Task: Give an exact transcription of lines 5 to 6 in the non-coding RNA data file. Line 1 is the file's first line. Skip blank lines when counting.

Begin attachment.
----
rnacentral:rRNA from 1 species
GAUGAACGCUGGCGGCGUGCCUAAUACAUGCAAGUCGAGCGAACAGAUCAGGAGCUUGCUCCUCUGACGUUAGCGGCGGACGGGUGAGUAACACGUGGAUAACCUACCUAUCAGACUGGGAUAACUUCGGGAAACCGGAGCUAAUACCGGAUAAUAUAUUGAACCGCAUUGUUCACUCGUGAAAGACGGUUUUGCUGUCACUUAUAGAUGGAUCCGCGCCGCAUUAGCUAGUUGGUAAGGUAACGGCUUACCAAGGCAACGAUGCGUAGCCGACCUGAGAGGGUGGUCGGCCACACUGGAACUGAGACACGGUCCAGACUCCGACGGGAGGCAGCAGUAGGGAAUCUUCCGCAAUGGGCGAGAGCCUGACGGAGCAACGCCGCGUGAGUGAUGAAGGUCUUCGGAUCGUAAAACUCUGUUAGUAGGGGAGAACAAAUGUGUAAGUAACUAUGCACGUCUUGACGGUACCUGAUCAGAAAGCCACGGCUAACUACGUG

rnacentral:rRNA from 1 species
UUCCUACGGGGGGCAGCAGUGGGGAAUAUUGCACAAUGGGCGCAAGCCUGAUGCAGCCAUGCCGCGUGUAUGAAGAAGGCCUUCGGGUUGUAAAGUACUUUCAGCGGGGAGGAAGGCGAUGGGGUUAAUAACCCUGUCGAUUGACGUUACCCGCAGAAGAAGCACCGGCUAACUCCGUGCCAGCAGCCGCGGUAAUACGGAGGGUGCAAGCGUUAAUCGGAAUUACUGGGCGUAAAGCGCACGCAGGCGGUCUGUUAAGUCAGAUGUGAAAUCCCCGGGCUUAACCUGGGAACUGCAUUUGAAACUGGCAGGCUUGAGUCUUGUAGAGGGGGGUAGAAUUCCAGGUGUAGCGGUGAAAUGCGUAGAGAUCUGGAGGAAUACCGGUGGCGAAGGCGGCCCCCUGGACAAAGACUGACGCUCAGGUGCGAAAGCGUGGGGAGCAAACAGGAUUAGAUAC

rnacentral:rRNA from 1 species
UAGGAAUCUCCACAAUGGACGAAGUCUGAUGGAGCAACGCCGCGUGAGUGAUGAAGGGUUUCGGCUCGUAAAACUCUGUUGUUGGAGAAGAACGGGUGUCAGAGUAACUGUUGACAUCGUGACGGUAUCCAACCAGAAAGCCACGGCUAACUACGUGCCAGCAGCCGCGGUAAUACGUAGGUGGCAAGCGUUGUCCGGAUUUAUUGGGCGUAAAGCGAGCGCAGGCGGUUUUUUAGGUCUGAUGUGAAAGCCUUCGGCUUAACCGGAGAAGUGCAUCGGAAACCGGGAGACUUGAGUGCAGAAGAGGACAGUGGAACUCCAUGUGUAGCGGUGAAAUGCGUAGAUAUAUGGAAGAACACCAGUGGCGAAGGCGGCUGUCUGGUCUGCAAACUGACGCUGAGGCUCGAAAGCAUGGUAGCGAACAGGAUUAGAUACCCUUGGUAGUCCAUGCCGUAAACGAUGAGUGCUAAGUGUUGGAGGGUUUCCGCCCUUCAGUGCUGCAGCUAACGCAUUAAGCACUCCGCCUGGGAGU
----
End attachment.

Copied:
rnacentral:rRNA from 1 species
UAGGAAUCUCCACAAUGGACGAAGUCUGAUGGAGCAACGCCGCGUGAGUGAUGAAGGGUUUCGGCUCGUAAAACUCUGUUGUUGGAGAAGAACGGGUGUCAGAGUAACUGUUGACAUCGUGACGGUAUCCAACCAGAAAGCCACGGCUAACUACGUGCCAGCAGCCGCGGUAAUACGUAGGUGGCAAGCGUUGUCCGGAUUUAUUGGGCGUAAAGCGAGCGCAGGCGGUUUUUUAGGUCUGAUGUGAAAGCCUUCGGCUUAACCGGAGAAGUGCAUCGGAAACCGGGAGACUUGAGUGCAGAAGAGGACAGUGGAACUCCAUGUGUAGCGGUGAAAUGCGUAGAUAUAUGGAAGAACACCAGUGGCGAAGGCGGCUGUCUGGUCUGCAAACUGACGCUGAGGCUCGAAAGCAUGGUAGCGAACAGGAUUAGAUACCCUUGGUAGUCCAUGCCGUAAACGAUGAGUGCUAAGUGUUGGAGGGUUUCCGCCCUUCAGUGCUGCAGCUAACGCAUUAAGCACUCCGCCUGGGAGU